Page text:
Do ya speak English mate?


Living in a globally connected world has meant that the idea of travelling overseas and studying for a period of time is no longer an unlikely choice for many students. Universities such as Wollongong, offer students the opportunity to study at Universities all over the world. It allows them to broaden their cultural, educational and personal experiences whilst become independent and still completing their degree. Not only are Australian students going abroad but many international students are travelling to Australia to complete part of their education. Although Australia is considered one of the most multicultural countries in the world, many international students still face challenges in assimilating into a different culture.

English is the most spoken language in the world. However, learning a foreign language and being able to fluently communicate in a foreign language are two completely separate concepts. As part of my International studies degree I am required to learn a second language, which I chose to be Spanish. Although I am able to read basic Spanish I have much difficulty in speaking it. For many International students who have learnt English prior to coming to Australia their experiences in speaking English in a class do not prepare them to speak English in countries such as Australia. Kell and Vogl (2006) explain that Australian English is featured by “informality, abbreviated expressions, rhyming slang [and] descriptive similes”, all of which cannot be taught without an understanding of the “…cultural context in which [they are] situated in”.  As a result many International students, although fluent in English, have a hard time communicating with local students, not being able to understand the ‘Australianised’ language. When asked to go to a ‘barbie’ to have some ‘snags’, these international students have a hard time understanding what ‘English’ really is.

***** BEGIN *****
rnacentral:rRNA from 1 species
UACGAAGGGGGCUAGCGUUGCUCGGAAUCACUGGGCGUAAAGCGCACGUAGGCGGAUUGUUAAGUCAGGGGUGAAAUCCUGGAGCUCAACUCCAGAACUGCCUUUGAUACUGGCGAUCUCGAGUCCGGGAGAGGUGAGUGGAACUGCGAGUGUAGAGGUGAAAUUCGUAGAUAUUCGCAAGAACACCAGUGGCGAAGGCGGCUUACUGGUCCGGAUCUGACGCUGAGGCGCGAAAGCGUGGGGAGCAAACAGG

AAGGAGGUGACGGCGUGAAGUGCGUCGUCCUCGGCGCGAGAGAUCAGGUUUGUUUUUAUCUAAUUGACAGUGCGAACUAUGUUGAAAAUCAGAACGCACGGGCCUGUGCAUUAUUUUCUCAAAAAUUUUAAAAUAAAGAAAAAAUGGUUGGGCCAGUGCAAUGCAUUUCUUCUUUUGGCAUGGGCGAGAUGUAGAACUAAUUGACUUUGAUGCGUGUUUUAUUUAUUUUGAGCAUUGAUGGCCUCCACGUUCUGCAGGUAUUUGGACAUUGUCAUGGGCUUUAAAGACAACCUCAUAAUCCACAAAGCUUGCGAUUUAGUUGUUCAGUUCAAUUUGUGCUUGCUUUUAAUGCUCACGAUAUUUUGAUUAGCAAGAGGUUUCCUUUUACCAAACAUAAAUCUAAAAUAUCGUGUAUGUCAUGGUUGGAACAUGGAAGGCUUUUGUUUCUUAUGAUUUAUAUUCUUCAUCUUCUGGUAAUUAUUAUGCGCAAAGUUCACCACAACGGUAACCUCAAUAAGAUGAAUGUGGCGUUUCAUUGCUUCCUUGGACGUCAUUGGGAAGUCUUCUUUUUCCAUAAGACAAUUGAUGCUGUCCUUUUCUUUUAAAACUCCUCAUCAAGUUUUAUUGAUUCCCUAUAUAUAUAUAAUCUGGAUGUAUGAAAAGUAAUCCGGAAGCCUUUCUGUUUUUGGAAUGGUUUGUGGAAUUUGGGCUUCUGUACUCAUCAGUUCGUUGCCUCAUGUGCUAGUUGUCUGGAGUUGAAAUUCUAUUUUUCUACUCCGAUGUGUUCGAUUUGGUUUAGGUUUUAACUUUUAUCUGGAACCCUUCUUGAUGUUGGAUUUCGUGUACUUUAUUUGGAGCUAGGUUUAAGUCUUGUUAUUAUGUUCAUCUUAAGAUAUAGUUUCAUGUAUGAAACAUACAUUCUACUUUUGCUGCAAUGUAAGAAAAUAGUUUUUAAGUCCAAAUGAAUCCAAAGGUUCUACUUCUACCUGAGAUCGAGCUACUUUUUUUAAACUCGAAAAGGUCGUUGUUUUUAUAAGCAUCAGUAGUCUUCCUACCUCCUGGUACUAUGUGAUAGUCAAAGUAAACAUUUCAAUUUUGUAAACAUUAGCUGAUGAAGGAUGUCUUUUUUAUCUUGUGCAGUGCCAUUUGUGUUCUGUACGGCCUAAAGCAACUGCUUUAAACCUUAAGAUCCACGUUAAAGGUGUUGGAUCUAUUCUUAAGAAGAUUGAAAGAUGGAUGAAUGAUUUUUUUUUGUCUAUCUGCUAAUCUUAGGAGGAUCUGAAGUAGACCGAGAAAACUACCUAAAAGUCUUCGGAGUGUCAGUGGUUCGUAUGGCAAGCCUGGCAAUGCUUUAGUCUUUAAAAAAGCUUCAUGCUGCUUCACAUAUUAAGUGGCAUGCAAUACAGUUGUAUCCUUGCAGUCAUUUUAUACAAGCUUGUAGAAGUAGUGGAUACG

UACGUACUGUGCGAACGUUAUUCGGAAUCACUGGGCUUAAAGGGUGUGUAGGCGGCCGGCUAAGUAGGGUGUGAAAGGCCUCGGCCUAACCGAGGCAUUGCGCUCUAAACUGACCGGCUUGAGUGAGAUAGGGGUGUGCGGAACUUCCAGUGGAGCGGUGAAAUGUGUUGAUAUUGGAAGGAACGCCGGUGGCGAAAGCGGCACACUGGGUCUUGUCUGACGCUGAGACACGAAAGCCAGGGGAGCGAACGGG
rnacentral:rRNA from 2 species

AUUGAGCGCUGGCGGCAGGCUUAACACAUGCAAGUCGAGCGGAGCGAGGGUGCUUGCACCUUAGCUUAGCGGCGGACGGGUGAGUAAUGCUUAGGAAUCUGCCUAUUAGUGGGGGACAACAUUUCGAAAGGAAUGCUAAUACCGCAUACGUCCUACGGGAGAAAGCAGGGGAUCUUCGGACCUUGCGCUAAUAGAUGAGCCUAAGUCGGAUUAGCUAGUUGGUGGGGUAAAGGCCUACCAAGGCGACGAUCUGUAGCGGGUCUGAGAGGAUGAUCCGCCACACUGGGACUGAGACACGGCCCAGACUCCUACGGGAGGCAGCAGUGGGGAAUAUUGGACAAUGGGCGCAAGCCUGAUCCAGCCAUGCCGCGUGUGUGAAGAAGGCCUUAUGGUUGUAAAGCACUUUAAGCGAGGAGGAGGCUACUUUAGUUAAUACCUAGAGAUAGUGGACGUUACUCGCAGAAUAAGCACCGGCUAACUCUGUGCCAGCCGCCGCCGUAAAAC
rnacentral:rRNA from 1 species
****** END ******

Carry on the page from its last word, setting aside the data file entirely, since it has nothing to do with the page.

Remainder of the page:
University is a time for people to find themselves and create their own identity. Marginson (2012) explored the concept of identity, with a focus on International students in his study of higher education. His idea was that our identity is not fixed, but rather influenced by experiences allowing it to always develop and change. The idea of self-formation, that is managing and creating ones life and identity, is seen as a strong aspect of studying internationally. Marginson insists that students crossing both cultural and geographical borders, self-formation involves cultural plurality. Many students achieve this through the strategy of hybridity, which “…combines and synthesizes different” cultures rather than isolating them and trying to live ‘separate identities’. If these students are to incorporate and embrace aspects of the new culture they are living in whilst maintaining their own culture they will create a transformed self.

Mutual understandings and effective communication is the key to International students successfully immersing themselves into a country. It is safe to say that international education is a prime example in defining globalisation. Physical and mental obstacles such as language and cultural identity often challenge the environment globalisation has created. Nevertheless, the encouragement of international communication through concepts such as studying abroad help in breaking down these barriers, thus allowing different cultures to interact and form relationships.


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